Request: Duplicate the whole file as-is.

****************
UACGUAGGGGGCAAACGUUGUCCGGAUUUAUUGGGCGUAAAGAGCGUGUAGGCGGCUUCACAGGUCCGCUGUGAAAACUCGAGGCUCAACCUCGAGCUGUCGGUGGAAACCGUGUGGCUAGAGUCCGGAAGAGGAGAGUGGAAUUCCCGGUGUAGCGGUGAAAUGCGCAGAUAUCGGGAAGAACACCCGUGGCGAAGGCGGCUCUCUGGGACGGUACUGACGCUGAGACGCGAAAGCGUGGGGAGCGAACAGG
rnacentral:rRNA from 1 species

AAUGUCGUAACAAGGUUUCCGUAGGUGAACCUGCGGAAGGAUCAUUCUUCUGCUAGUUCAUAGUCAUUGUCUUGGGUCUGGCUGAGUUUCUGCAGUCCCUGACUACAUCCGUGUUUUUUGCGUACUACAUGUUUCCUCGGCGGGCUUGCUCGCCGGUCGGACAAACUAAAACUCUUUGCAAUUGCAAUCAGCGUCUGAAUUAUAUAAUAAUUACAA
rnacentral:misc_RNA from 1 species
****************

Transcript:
UACGUAGGGGGCAAACGUUGUCCGGAUUUAUUGGGCGUAAAGAGCGUGUAGGCGGCUUCACAGGUCCGCUGUGAAAACUCGAGGCUCAACCUCGAGCUGUCGGUGGAAACCGUGUGGCUAGAGUCCGGAAGAGGAGAGUGGAAUUCCCGGUGUAGCGGUGAAAUGCGCAGAUAUCGGGAAGAACACCCGUGGCGAAGGCGGCUCUCUGGGACGGUACUGACGCUGAGACGCGAAAGCGUGGGGAGCGAACAGG
rnacentral:rRNA from 1 species

AAUGUCGUAACAAGGUUUCCGUAGGUGAACCUGCGGAAGGAUCAUUCUUCUGCUAGUUCAUAGUCAUUGUCUUGGGUCUGGCUGAGUUUCUGCAGUCCCUGACUACAUCCGUGUUUUUUGCGUACUACAUGUUUCCUCGGCGGGCUUGCUCGCCGGUCGGACAAACUAAAACUCUUUGCAAUUGCAAUCAGCGUCUGAAUUAUAUAAUAAUUACAA
rnacentral:misc_RNA from 1 species